# I What is the gradient of a divergence and is it always zero?

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1. Nov 14, 2017

### James Essig

Hi Folks,

Was just curious as to what is the gradient of a divergence is and is it always equal to the zero vector. I am doing some free lance research and find that I need to refresh my knowledge of vector calculus a bit. I am having some difficulty with finding web-based sources for the gradient of a divergence.

2. Nov 14, 2017

### Staff: Mentor

3. Nov 14, 2017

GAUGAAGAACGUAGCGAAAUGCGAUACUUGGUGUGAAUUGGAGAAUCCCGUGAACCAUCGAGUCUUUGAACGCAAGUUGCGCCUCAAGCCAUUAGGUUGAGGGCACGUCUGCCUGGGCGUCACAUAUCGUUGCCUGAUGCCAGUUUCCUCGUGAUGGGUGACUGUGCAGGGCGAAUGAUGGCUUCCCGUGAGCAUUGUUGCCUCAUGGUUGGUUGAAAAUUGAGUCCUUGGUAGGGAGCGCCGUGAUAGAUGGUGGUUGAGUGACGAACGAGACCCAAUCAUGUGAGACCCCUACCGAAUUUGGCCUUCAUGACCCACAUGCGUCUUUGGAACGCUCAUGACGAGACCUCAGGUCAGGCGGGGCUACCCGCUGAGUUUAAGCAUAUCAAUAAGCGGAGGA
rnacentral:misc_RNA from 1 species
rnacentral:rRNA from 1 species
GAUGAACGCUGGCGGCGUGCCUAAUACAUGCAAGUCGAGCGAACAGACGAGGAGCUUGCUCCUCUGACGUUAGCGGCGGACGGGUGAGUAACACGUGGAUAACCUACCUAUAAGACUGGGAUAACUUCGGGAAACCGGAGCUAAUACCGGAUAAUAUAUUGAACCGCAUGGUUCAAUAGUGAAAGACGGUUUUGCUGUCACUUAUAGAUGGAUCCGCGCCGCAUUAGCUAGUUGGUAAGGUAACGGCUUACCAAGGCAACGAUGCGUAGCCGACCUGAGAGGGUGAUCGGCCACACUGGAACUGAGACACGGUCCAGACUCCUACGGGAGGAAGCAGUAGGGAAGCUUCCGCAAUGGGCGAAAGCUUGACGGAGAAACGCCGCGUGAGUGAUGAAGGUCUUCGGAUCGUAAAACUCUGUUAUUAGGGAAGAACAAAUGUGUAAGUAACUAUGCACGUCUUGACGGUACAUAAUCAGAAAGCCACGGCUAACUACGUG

### James Essig

Thanks for the info fresh_42. I found those two links very helpful and I solved my problem of the reason for my inquiry.

4. Nov 14, 2017

One very important vector identity, (it is used in showing Maxwell's equations result in an electromagnetic wave equation), is $\nabla \times \nabla \times \vec{A}=\nabla (\nabla \cdot \vec{A})-\nabla^2 \vec{A}$. For the case that is often shown to demonstrate the wave equation in a vacuum, $\nabla \cdot \vec{E}=0$, but in general, the first term on the right side of the vector identity equation is not equal to zero.